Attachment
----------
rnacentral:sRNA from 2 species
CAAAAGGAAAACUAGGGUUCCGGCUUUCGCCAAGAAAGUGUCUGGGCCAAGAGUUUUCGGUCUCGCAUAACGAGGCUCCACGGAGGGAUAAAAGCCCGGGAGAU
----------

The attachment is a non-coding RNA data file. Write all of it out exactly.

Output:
rnacentral:sRNA from 2 species
CAAAAGGAAAACUAGGGUUCCGGCUUUCGCCAAGAAAGUGUCUGGGCCAAGAGUUUUCGGUCUCGCAUAACGAGGCUCCACGGAGGGAUAAAAGCCCGGGAGAU